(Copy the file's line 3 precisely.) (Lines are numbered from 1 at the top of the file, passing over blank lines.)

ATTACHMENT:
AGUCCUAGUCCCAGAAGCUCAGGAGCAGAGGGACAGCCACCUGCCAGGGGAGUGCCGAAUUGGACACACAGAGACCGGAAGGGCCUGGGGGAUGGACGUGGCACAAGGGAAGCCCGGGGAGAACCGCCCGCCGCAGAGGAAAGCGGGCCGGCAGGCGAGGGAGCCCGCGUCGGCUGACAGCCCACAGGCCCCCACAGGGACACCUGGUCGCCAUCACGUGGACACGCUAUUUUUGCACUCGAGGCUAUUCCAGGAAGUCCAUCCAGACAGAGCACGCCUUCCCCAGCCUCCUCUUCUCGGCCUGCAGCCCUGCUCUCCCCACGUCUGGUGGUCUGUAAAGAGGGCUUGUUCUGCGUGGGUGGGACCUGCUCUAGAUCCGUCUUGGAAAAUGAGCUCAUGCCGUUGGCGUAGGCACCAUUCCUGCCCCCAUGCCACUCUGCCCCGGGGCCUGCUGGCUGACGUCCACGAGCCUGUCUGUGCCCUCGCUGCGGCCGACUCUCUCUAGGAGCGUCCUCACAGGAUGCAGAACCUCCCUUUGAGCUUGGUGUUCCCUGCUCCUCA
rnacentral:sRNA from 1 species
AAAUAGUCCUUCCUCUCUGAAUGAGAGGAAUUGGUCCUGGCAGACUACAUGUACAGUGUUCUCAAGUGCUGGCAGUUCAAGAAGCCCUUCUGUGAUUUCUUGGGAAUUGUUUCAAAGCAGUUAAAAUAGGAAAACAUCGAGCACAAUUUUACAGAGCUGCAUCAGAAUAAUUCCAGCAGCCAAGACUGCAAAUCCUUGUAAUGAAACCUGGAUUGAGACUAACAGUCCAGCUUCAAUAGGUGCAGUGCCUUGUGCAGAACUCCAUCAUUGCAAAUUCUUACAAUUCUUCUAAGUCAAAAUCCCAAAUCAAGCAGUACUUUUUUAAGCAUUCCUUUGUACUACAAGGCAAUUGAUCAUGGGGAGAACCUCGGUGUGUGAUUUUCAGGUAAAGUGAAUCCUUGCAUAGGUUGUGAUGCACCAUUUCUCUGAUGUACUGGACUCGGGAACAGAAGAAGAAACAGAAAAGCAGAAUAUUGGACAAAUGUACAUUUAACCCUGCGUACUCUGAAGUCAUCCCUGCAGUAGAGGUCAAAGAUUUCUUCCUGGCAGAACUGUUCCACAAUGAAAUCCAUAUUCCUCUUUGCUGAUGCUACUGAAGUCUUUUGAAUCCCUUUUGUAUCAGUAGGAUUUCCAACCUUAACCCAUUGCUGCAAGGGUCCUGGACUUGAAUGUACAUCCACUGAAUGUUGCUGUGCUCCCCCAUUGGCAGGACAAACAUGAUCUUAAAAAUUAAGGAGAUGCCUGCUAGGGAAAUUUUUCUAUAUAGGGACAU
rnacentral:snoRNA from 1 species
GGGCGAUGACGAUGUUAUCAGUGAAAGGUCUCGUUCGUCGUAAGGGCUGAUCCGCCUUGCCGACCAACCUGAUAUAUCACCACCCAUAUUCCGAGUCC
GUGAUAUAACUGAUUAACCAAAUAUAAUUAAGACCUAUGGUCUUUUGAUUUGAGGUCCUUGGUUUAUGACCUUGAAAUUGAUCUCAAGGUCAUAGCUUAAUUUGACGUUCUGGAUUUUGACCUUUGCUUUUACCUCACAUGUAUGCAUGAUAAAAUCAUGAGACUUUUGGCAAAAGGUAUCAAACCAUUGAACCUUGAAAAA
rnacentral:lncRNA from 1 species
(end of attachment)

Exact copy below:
AAAUAGUCCUUCCUCUCUGAAUGAGAGGAAUUGGUCCUGGCAGACUACAUGUACAGUGUUCUCAAGUGCUGGCAGUUCAAGAAGCCCUUCUGUGAUUUCUUGGGAAUUGUUUCAAAGCAGUUAAAAUAGGAAAACAUCGAGCACAAUUUUACAGAGCUGCAUCAGAAUAAUUCCAGCAGCCAAGACUGCAAAUCCUUGUAAUGAAACCUGGAUUGAGACUAACAGUCCAGCUUCAAUAGGUGCAGUGCCUUGUGCAGAACUCCAUCAUUGCAAAUUCUUACAAUUCUUCUAAGUCAAAAUCCCAAAUCAAGCAGUACUUUUUUAAGCAUUCCUUUGUACUACAAGGCAAUUGAUCAUGGGGAGAACCUCGGUGUGUGAUUUUCAGGUAAAGUGAAUCCUUGCAUAGGUUGUGAUGCACCAUUUCUCUGAUGUACUGGACUCGGGAACAGAAGAAGAAACAGAAAAGCAGAAUAUUGGACAAAUGUACAUUUAACCCUGCGUACUCUGAAGUCAUCCCUGCAGUAGAGGUCAAAGAUUUCUUCCUGGCAGAACUGUUCCACAAUGAAAUCCAUAUUCCUCUUUGCUGAUGCUACUGAAGUCUUUUGAAUCCCUUUUGUAUCAGUAGGAUUUCCAACCUUAACCCAUUGCUGCAAGGGUCCUGGACUUGAAUGUACAUCCACUGAAUGUUGCUGUGCUCCCCCAUUGGCAGGACAAACAUGAUCUUAAAAAUUAAGGAGAUGCCUGCUAGGGAAAUUUUUCUAUAUAGGGACAU